For the third time, my husband Donnie and I were making a foray into Holmes County, Ohio, home to the second largest population of Amish families in the United States.  To enter Amish land is to leave the “fast life” behind.  No plastic franchise box stores crowd the crossroads.  The byways are narrow, bordered on both sides with corn creeping out to the verges and two-story, white houses—distinctive for the lack of electrical lines running to them.  Navigating the thin ribbons, dodging grey buggies, one quickly feels lost, in a pleasant Twilight Zone sort of way.

So, though we had been there before, and though Donnie, a former trucker, can usually recall any route he has previously taken especially if there’s a hot dinner at the end of it, we gradually realized we needed help to find an eatery.  So we pulled off on a small triangle of cleared land at the edge of a dense stand of corn, where a young Amish woman had parked her buggy and was selling handmade baskets.

We disembarked from our car which, being of the large American variety, looked wholly out of place in the scene, and Donnie asked the young woman where we could find a “good Amish restaurant.”  The young woman smiled and put on what I would describe as a “merry face”—though it did not seem even slightly artificial.  Along with giving us what turned out to be precisely correct directions, she said the following:

“Some people have told me that Miss-riz Yoder serves good food.  If I have told you right, you will find it on that road.  I do hope you find it.”

Taken in combination, these statements conveyed to me a sense that the young lady (I am guessing she was no older than twenty) had a high value for honesty, modesty, and human kindness.  We later had similar assistance from a teenage girl in an Amish-run plant nursery—a very literal interpretation of our needs, a determination to be sure we were satisfied.

Naturally we wanted to buy some of the buggy girl’s wares to repay her gracious assistance, but I had been discreetly eyeing the Amish-made baskets and found that we could not afford even the smallest one, especially with a home back in North Carolina embarrassingly full of gew-gaws.  However, she was also selling square cardboard punnets of black raspberries.  We bought one punnet for three dollars, and I later regretted we had not bought all she had.  The berries were fresh, ripe, not a single spoiled one hidden in the bottom—quality through and through.  I popped about a dozen as we followed her directions to “Mrs. Yoder’s Family Restaurant” where we had such a lunch as gastronomic dreams are made on, served by pretty young misses in starched white head coverings and long aprons. We noted that among the customers were many Amish or Mennonites distinguished by their somber apparel.

Not for the first time, I was under the Amish spell.

A trip to Lehman’s Store is de rigueur when visiting Holmes County, and at the check-out counter I saw a newspaper called The Budget, on sale for a dollar (no tax).  I plunked down four quarters, little knowing what a treasure I had just procured for so small a price.

For most of the rest of the day I read through The Budget, regaling Donnie with its contents.  By the time he got to read it himself, I feared he might be jaded by my enthusiasm, but he was as enchanted as I.  The part of the paper that most intrigued us was a full 40-page section known as “The Letters.”  They came from 34 states and Canada, the Dominican Republic, Belize, Israel, Ukraine, Honduras, Liberia, Haiti, and Guatemala—places where the Amish and Mennonites, commonly known as Plain People, have chosen to hang their flat black hats and fulsome hand-sewn bonnets.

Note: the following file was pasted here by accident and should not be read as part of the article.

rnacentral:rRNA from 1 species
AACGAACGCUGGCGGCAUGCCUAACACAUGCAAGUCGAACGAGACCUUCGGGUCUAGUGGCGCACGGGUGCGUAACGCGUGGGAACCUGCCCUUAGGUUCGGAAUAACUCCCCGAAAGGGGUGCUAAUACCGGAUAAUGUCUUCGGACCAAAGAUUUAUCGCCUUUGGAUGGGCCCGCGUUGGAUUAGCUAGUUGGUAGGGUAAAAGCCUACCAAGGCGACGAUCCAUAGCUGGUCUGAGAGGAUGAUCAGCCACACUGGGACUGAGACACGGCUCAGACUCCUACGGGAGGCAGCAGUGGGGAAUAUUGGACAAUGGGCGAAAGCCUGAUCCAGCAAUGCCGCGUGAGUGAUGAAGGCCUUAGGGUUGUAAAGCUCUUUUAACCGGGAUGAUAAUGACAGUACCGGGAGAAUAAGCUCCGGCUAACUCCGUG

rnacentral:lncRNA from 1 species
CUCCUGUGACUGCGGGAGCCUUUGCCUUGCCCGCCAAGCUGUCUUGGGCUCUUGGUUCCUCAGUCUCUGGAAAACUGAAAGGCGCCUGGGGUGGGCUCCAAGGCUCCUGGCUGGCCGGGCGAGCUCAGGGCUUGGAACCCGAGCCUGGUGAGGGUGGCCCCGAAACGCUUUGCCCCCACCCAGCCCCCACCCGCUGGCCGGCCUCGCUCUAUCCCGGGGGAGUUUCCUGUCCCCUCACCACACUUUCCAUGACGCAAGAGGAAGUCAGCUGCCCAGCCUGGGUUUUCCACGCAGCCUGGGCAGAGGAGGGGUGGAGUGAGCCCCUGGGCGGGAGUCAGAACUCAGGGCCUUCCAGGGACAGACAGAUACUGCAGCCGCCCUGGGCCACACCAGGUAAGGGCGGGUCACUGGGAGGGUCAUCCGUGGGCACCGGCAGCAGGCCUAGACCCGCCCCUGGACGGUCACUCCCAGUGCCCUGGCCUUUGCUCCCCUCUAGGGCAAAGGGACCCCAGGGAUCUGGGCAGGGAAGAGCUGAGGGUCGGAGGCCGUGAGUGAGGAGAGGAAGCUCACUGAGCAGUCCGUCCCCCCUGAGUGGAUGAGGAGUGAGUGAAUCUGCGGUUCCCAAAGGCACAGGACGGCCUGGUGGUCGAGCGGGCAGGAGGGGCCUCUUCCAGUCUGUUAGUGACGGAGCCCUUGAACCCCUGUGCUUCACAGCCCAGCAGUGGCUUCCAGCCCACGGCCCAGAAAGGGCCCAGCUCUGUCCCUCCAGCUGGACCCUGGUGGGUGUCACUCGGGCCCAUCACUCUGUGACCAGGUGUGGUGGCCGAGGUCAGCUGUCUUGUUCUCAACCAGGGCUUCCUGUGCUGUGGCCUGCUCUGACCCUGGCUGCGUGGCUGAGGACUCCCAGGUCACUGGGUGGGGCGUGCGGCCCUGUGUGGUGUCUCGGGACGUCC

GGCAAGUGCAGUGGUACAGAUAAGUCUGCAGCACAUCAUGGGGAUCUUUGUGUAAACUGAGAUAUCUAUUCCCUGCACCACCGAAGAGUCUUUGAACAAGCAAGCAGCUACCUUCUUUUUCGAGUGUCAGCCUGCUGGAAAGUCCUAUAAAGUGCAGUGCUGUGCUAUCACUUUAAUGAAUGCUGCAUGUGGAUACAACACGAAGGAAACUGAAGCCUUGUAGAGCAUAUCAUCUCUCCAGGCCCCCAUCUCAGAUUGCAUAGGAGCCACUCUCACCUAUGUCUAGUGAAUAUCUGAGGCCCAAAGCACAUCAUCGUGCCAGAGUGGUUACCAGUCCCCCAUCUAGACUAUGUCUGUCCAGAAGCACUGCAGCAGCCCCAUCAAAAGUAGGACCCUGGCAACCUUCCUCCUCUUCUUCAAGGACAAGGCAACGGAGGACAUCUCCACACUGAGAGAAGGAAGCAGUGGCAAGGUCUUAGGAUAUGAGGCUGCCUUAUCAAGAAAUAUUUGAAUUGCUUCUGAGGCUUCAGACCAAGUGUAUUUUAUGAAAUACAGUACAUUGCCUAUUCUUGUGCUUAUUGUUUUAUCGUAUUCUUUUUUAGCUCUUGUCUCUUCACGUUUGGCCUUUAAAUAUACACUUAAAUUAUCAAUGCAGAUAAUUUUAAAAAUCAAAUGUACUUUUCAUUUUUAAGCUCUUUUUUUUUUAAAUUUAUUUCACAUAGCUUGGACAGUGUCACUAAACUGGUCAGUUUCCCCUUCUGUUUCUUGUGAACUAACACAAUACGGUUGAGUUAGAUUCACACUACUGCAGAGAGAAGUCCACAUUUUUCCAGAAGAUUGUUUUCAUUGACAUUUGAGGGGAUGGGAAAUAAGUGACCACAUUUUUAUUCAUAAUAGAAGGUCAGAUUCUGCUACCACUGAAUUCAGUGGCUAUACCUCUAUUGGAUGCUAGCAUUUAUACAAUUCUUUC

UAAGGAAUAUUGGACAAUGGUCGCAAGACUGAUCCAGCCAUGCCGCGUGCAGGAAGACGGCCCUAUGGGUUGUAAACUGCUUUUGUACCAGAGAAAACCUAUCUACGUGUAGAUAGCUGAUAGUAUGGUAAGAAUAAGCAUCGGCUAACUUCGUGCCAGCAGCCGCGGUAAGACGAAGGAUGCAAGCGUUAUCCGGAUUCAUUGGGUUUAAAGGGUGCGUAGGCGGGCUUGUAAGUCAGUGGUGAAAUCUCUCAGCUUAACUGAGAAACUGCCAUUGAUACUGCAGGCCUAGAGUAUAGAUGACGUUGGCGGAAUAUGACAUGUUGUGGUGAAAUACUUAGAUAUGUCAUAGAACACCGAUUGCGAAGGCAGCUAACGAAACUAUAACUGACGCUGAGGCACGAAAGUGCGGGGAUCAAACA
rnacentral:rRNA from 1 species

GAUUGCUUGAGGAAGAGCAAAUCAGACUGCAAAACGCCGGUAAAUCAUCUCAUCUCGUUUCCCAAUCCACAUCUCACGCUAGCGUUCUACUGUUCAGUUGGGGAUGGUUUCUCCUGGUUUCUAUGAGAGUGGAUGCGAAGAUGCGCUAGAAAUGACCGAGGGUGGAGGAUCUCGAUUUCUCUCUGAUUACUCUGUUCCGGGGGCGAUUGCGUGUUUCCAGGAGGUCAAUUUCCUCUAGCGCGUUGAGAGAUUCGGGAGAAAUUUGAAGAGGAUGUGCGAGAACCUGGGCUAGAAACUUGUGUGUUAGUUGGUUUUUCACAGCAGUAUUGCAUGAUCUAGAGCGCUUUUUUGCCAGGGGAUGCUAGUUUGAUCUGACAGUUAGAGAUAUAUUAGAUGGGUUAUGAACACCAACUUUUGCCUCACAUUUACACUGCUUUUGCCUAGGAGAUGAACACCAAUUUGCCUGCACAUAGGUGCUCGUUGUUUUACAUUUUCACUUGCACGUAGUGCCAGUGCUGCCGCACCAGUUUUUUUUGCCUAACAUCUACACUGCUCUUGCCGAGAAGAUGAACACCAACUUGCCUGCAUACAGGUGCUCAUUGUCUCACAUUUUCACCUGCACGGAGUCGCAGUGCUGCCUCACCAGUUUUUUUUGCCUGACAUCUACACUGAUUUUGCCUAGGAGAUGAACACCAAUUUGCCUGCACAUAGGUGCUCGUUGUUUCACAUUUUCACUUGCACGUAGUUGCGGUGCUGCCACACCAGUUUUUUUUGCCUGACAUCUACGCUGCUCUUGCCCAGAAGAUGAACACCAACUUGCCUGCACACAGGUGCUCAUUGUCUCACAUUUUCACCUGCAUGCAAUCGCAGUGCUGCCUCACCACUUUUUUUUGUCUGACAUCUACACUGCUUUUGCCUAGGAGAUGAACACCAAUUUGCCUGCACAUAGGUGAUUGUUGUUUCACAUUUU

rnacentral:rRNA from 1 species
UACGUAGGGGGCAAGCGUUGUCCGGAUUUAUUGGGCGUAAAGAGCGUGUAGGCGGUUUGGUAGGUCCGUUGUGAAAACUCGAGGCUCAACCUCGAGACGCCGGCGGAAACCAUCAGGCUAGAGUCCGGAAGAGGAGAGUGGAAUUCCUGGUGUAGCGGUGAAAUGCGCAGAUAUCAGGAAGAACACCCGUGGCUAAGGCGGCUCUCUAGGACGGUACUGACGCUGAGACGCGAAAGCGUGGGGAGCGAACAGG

According to P. J. Huffstutter, writing about Holmes County for the Los Angeles Times (September 20, 2009), all the letter writers, known as scribes, are volunteers, their “pay” coming in the form of a yearly subscription to The Budget ($42.00, and worth every penny).  Most of the contributions arrive at the newspaper office in Sugarcreek, Ohio, handwritten, some delivered by buggy.   Though the paper reports on all local county events among non-Amish and Amish alike, the Letters are like tiny beacons held aloft to be seen from outpost to outpost all over the Plain world, a slow world within our own fast one.

Huffstutter reports that The Budget has refused to “progress” into the realm of online advertising (though it does maintain a modest website), and the ads one sees peppered through the pages are as plain as the people to which  they’re targeted.  One such ad screams, “Quality Amish Spectacle Frames—Great Price” and another raves “Heit’s Wholesale—Full Line of Elastics, Buttons, Stretch Lace, Plastic Snaps, Metal Snaps, Raschel Lace, Venise Lace, Full Line of Various Ribbon.”  To peruse the ads is to step back into a simpler era.

In the July 7, 2010 edition of The Budget, there were more than 600 letters.  And every week there will be at least 600 more.  By the time we got home to North Carolina I had not finished reading half of them.  They were riveting.  By studying these letters, I was convinced, one could learn more about the path to simplicity than by watching a TV special or renting a DVD promising sensational revelations about the secretive Amish.  This was news from the field: hand-written, sincere, unvarnished by fancy journalistic technique.  For someone who is constantly mining the media for well-told tales of rural life, this was the mother lode.